Yesterday was our local genealogy group’s Family History Support Day. We had a wonderful turnout – larger than ever! The free event matches people with no genealogy experience with a researcher who can help them get started or provide ideas to overcome a family mystery.
A few of the folks I helped were stunned by the results. The DNA testing companies now include a warning but I’m thinking all genealogists might want to do so. Uncovering family secrets is often hard to deal with.
Here’s the 5 pieces of info I uncovered that I had to share with visitors that left them rattled:
1. Cherokee Princess – Her question – What was the name of my great grandma that was a Cherokee princess? A great uncle told the woman that because they were of Native American royalty, they escaped the Trail of Tears and remained in South Carolina. First problem with the legend is that South Carolina wasn’t one of the 9 states that fell under the Removal Act. Most of that region’s Native Americans relocated to Florida and formed the Seminole Tribe. Second problem is the law didn’t exclude any group so even if she was related to a Native American leader, aka “royalty,’ her family wouldn’t have been permitted to remain. Third problem is the Trail of Tears was in the early 1800’s so the family member involved would have been more generations back then a great grandmother. I identified on her maternal line her great grandparents; they were all born and died in South Carolina and were all identified as Black. I recommended DNA to verify if she has Native American ancestry.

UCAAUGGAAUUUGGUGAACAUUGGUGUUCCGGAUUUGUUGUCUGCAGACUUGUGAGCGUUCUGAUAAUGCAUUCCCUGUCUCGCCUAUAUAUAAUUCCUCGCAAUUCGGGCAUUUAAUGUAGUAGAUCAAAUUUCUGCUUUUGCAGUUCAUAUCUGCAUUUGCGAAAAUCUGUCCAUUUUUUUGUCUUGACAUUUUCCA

2. Only Child – Her question – “My parents divorced when I was small and my mom and I moved from Florida where I was born to New York where I grew up. I think we stayed with a relative in New York but I was small and don’t remember. How can I find out who we stayed with as my mom is deceased and I’m an only child.” Lucky for the woman, this wasn’t difficult to find as she’s in her 80’s so she was in the 1940 US Federal census. What she initially failed to tell me was that she had changed her birth name under which she was enumerated. I first looked for her in New York but didn’t find her. I then looked for her in Florida but she weren’t there. I then did a search without a location and still couldn’t find her. I then looked using her mother’s name and voila – found them in South Carolina (yes, there was a lot of people from South Carolina and Georgia yesterday which isn’t surprising since that’s all the same temperate zones and farmers migrated between those areas). When I showed her the record I thought that the enumerator had mistakenly put her father’s name as hers; that’s when she told me that was her birth name but she had changed it to a more feminine name. I asked about the 11 month old sibling enumerated after her. She was stunned. The sibling had been named after her grandmother who she thought might be the family member they had been living with. I found the grandmother living in the same district with an uncle and his family. I wasn’t able in the short time period to figure out what happened to her sister. She may have died or is still out there having been adopted. It was hard for her to move forward with her initial question since the discovery was made. I found her mother in the 1930 US Federal census living with a family in Florida. The name was familiar to her; it was her great aunt’s family. The cousin had gotten married and divorced and relocated to New York in 1940. Although she wasn’t living with her on enumeration day, it’s likely that was the New York connection. I recommended she get in touch with the woman’s grandchildren as she and her only son are deceased, to see if they have further information.